“We only eat once daily, and often, the whole day passes without us eating anything. I noticed that my baby is just sulking with empty breasts, and that called for desperate action,” Falmata said. 

The situation worsened as the days went by. Falmata’s baby became weaker as well, constantly crying from hunger pains. Falmata felt helpless, unable to provide the nourishment her child desperately needed.

She sought to alleviate her baby’s hunger by preparing food from grains and herbs, drawing upon traditional knowledge she learned from her fellow displaced mothers who were also facing hardship and food crises. With what remained of the money her uncle gifted her, she purchased the necessary ingredients to prepare the baby’s food.

Woman and child holding a purple cup with a green spoon, with a kettle in the background.
Falmata’s baby holds the cup that feeds it. Photo: Usman Abba Zanna/HumAngle

With little else to rely on, Falmata turned to the wisdom passed down from generations, mixing grains and herbs in an attempt to create a nutritious meal for her baby. However, the makeshift food was often insufficient to meet the baby’s needs, leaving both Falmata and her child in a constant state of hunger and distress.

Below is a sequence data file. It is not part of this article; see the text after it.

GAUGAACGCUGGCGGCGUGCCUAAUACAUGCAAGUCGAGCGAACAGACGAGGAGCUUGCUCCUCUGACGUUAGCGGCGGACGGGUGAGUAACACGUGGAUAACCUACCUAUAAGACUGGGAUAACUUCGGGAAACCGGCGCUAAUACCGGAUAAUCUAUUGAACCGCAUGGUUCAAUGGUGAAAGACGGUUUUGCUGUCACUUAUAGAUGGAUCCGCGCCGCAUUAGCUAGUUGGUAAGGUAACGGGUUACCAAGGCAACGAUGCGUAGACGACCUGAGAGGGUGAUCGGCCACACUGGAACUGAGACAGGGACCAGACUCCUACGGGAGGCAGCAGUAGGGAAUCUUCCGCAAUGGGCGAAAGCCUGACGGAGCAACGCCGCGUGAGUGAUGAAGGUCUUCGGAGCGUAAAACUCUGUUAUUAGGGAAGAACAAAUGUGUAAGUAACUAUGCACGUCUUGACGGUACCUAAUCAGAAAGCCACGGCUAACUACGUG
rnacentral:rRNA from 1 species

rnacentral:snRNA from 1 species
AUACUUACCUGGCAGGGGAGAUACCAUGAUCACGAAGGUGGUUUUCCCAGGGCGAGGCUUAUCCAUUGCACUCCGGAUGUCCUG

“I buy some maize, palm oil, and hibiscus leaves and grind them into powder, which I then mix with water to feed the baby,” she said.

She added, “The baby detests the consumption of the mixture, but eventually, it gets used to it, and since then, this is what I have been using to feed my newborn.”

The relocation has worsened living conditions

Despite her best efforts, Falmata’s baby continued to suffer from malnutrition and weakness. 

She lamented the conditions in their new place where hunger, unemployment, and suffering are at the forefront of everyone’s problems. “I clung to the hope that someday our situation would improve, and my baby would receive the care and nourishment it desperately needed,” she told HumAngle.

“I have never experienced this problem before during the breastfeeding period in my four previous births. But here today, because of hunger and lack of nutritional food, I am suffering. I pray that my baby doesn’t get affected.”

What is it like to be in a new place already challenged by a food crisis, a lack of humanitarian assistance, competitive meagre job opportunities, inaccessible farmlands, unavailability of adequate basic amenities, and constant discrimination against new arrivals?

“It has been two months since we were relocated to this new place, yet we haven’t figured out how to adapt to the surroundings, understand the opportunities available, or cope with the pressing challenges like the discrimination we face from the locals and lack of work opportunities,” Falmata said.